The current focus on organizational innovation and how to get teams to be more creative isn’t misplaced — a recent survey pegged creativity as the most in-demand skill for leaders. Yet creativity and innovation remain underdeveloped in most business teams and organizations. Even with an innovation or change management strategy in place, companies are looking for new ways to invigorate the creativity and work results of their teams.
Coming out of the pandemic, the explosion in remote work created a similar increase in productivity tracking and employee surveillance. These drastic measures do little to help workers or companies make the performance gains they’re hoping for. Not only do they fail to adequately measure actual output (instead of just the number of hours spent), they also tend to undermine team belonging and safety, key components for individuals to access and leverage their creativity, and for teams to work better together.
A superior tactic is to focus on how teams can work better and smarter: What tends to matter most, and move the needle, is the quality and quantity of work output rather than the number of hours spent.
We need to understand how time at work can translate into high-level performance and results that transform organizations.
Enter stage left: Deep work and flow.
These have in the last several years become increasingly trendy topics in the world of self-improvement and personal development, particularly related to the idea of accessing and harnessing creativity.
Deep work and flow state are often talked about interchangeably. And while they’re interconnected ideas, they’re not quite the same thing.
So what are these techniques exactly, and how are they related?
Defining Deep Work & Flow
Deep work, a phrase coined by Cal Newport in his book of the same name, refers to the ability to focus without distraction on cognitively demanding tasks. Most deep work consists of undistracted periods of intense concentration.
As Caveday founder Jake Kahana, who Charlie recently joined for a deep dive, puts it, “deep work is the idea of blocking off a chunk of time for focusing on a demanding task. Putting distractions away and monotasking on something important.”
It’s about tackling a particular, cognitively demanding task with full attention — and therefore avoiding anything that even might be a distraction, such as email, social media, or messaging.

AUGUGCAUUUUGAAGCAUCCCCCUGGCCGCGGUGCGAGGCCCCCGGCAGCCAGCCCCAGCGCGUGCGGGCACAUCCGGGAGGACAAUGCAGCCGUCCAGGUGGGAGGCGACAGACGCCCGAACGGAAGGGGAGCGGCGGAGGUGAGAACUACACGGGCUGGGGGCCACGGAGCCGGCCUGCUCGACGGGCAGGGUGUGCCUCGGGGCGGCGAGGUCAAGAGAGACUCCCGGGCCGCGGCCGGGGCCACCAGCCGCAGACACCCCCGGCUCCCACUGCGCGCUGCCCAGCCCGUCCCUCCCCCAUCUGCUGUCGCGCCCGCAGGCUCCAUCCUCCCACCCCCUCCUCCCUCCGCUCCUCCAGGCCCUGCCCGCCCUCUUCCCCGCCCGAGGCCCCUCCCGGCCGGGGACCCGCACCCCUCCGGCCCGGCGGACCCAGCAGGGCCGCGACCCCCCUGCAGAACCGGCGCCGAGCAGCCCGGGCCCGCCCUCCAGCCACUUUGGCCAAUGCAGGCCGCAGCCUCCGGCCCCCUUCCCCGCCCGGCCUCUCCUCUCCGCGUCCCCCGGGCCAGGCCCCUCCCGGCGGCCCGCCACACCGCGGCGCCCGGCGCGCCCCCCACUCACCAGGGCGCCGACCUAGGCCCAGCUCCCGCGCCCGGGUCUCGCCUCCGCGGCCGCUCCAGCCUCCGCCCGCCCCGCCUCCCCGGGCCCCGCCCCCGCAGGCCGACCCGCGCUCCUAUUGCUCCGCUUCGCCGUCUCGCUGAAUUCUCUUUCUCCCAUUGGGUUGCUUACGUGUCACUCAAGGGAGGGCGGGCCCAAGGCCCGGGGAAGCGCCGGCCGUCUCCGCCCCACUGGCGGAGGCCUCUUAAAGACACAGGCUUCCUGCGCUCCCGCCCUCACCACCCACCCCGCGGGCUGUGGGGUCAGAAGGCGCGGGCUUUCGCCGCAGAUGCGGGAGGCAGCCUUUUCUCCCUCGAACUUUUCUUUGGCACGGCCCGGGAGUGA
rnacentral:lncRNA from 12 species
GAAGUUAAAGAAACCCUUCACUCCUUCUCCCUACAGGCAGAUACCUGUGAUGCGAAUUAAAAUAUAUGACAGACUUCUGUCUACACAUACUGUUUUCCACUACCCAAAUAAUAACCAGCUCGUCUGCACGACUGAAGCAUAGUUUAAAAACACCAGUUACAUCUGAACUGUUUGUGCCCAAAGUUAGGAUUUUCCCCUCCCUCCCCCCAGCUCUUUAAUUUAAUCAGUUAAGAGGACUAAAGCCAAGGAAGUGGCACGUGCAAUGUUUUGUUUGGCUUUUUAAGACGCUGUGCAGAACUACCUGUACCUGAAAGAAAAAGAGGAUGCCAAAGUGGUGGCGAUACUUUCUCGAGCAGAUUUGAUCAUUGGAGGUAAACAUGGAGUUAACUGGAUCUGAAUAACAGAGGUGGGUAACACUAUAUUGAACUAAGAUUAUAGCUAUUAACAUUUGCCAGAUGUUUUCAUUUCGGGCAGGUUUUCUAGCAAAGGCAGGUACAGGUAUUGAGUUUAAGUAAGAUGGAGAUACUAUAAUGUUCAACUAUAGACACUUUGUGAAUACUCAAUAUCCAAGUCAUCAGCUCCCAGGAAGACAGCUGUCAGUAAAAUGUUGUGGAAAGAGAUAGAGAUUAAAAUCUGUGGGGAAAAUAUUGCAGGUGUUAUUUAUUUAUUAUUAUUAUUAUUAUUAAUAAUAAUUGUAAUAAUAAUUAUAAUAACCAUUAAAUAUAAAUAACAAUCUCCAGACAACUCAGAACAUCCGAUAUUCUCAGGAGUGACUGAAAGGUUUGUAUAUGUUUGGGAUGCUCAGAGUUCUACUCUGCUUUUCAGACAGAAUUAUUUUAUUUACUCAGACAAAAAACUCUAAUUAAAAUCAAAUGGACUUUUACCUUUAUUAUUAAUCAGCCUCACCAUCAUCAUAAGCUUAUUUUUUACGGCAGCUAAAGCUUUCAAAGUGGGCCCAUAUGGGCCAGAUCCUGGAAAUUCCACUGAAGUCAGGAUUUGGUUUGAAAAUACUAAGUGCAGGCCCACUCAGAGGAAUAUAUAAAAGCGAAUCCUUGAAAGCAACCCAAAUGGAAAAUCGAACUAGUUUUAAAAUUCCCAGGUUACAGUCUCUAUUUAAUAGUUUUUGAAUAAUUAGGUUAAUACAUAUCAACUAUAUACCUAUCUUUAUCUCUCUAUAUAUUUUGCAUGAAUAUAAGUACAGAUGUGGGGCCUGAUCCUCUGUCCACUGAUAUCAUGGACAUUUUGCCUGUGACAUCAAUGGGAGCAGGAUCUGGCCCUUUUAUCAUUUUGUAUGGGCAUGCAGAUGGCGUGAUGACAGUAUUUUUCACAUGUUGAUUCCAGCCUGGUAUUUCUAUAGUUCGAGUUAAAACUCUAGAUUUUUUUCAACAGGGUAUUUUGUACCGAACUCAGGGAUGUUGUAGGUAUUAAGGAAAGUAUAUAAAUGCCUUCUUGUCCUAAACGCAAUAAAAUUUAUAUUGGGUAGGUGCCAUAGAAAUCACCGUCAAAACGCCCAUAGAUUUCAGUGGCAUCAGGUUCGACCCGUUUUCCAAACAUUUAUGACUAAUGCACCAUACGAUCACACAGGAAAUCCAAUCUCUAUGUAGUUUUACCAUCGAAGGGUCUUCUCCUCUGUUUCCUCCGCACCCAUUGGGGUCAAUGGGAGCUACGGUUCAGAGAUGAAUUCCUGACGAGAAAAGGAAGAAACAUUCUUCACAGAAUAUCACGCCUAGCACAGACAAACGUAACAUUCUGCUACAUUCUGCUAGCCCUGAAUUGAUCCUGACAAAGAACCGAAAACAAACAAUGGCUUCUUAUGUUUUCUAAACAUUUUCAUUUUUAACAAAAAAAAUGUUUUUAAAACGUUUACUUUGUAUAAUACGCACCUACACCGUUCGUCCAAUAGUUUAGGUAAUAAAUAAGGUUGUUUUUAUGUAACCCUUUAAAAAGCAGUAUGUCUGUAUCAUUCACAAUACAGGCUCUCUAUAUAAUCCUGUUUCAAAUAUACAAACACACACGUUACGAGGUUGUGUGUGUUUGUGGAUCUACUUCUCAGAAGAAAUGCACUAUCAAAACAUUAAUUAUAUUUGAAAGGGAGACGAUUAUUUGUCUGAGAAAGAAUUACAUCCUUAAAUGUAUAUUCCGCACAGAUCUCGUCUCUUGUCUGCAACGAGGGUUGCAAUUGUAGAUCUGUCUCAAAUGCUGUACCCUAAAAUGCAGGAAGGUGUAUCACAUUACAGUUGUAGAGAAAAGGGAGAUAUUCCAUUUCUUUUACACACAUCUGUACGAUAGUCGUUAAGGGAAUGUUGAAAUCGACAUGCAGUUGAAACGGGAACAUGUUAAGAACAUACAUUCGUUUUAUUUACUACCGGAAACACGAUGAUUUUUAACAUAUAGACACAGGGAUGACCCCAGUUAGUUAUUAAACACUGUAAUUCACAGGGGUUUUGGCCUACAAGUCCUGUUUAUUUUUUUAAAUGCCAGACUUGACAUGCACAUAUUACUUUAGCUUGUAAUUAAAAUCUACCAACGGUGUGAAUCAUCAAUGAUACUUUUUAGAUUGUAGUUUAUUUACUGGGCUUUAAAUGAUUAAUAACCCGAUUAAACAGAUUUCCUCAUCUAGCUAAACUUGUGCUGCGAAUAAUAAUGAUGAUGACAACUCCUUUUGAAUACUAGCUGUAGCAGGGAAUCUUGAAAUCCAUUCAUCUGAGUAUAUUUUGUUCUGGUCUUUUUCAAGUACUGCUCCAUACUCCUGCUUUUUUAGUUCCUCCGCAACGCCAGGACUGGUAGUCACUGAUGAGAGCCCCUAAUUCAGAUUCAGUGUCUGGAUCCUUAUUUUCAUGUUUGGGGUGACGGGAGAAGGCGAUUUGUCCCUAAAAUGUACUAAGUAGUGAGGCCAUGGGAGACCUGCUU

Flow state, meanwhile, is a mental state defined by a sense of effortless concentration, a loss of self-consciousness, and heightened productivity, creativity, and enjoyment. Psychologist Mihaly Csikszentmihalyi first publically used the term in this sense in his book, Flow: The Psychology of Optimal Experience.
It’s not a technique or discipline like deep work. It’s a state of consciousness.
Flow is a natural phenomenon that can arise spontaneously in different moments of our lives. Almost everybody can recognize experiencing it at some point: it’s just being “in the zone”. It’s when we’re fully absorbed in an activity, and feel as a result a sense of energized focus and even joy in the process.
Deep work techniques can initiate a flow state. When you are immersed in a task without distractions (i.e., deep work), it becomes easier to slip into a state of flow.
Why Aim for Deep Work & Flow?
Deep work, and the flow state it can prompt, are incredibly valuable given their potential to enable higher-quality work, often in a shorter amount of time, than people create in less-focused, or stressed-out states.
We’re talking not only increased productivity but also stress reduction, and improved mood and happiness levels. Neuroscience tells us even small amounts of creative flow and deep work can boost your relationships and general cognitive function.
Studies indicate that flow has positive impacts in every aspect of life, and as well as going so far as to mitigate burnout symptoms.
Flow state and deep work have been popularized by figures like Cal Newport and Andrew Huberman, who point to results in increased individual creativity, easier mastery, and even brain growth.
By focusing intently, it turns out your brain solidifies learning routes and enhances the links between neurons, enabling them to activate more quickly.